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Ronnie Milsap Biography

Home > Music > M > Milsap, Ronnie > Biography

Birth Name: Ronnie Lee Milsap
Born: 1943/01/16
Birth Place: Robbinsville, North Carolina, USA
Years Active: 1963-Present
Genres: Country Music, Country Pop, Countrypolitan, Soul

Ronnie Lee Milsap (born January 16, 1943) is an American country music singer and pianist. He was one of country’s most popular and influential performers of the 1970s and 1980s. He became country music's first well-known blind singer, and one of the most successful and versatile country "crossover" singers of his time, appealing to both country and pop music music markets with successful songs that incorporated popular, R&B, and rock and roll stylings.

Milsap was born in Robbinsville, North Carolina with a congenital disorder that left him almost completely blind. During his childhood he lost his remaining vision. Due to a developing blood clot, both his eyes were removed.

During the early 1960s he auditioned for and played his first professional gigs as a member of J. J. Cale’s band. He released his first single, "Total Disaster," during 1963 which enjoyed some local success in the Atlanta area.

By 1965, Milsap was an R&B artist for the recording company Scepter, recording eight obscure singles for the label and working briefly with other soul musicians like Ray Charles, Stevie Wonder, and James Brown.

Milsap was a Top 5 success on the R&B charts with "Never Had It So Good," a song written by Ashford & Simpson. It would be his only successful single during his time with Scepter. Another Ashford & Simpson tune named "Let’s Go Get Stoned," was relegated to a B-side. A few months later, however, it became a million-selling single for Ray Charles.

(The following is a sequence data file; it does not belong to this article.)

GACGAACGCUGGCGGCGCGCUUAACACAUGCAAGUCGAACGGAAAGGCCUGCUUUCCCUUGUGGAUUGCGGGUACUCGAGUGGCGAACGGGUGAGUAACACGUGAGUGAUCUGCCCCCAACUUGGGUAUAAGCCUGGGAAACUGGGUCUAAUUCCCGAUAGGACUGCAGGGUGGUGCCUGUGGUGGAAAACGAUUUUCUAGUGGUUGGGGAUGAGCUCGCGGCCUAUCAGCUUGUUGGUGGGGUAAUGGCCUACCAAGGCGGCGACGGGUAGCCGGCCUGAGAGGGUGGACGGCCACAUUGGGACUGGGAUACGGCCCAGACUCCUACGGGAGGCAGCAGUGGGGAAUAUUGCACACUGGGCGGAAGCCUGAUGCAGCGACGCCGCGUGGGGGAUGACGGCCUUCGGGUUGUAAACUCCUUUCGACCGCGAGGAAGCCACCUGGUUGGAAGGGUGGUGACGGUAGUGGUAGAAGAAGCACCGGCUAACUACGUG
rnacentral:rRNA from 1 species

In 1970 Milsap enjoyed brief popular music success with the song "Loving You Is a Natural Thing." He recorded and released his debut album, “Ronnie Milsap,” on Warner Brothers during 1971.

In December 1972, Milsap relocated to Nashville after a chance meeting with country music star Charley Pride who was in the audience for a Milsap gig at the nightclub Whiskey A-Go-Go. Pride was impressed with Milsap's singing and encouraged him to go to Nashville and start singing country music.

Milsap began working with Pride's manager, Jack D. Johnson, and was signed to RCA Records in 1973. He released his first single from RCA that year named "I Hate You," which became his first country music success, peaking at #10 on the country chart.

The next year, 1974, he toured with Pride as an opening act and had two number one singles, "Pure Love" and the Kris Kristofferson composition "Please Don't Tell Me How the Story Ends" which won Milsap his first Grammy Award. During 1975, he revived the Don Gibson song "(I'd Be) A Legend in My Time." That year, he scored another #1 success with "Daydreams About Night Things."

From 1976 to 1978, Milsap became one of country music's biggest stars. He scored seven #1 singles in a row, including the Grammy Award winning "(I'm a) Stand By My Woman Man" and "What a Difference You've Made in My Life." The most significant of this series was "It Was Almost Like a Song" during 1977, a dramatic piano-based song that showcased Milsap's soaring vocal range and became his most successful single of the 1970s. In addition to topping the Billboard Hot Country Songs chart, the song was his first entry on the Billboard Hot 100 pop music chart since "Please Don't Tell Me How the Story Ends" reached #95 while "It Was Almost Like a Song," reached #16. It was also his first song to score the Adult Contemporary Charts, peaking at #2. Despite its success, the song was Milsap's only crossover success of the 1970s. Milsap continued to achieve successes on the country music charts for the remainder of the 1970s.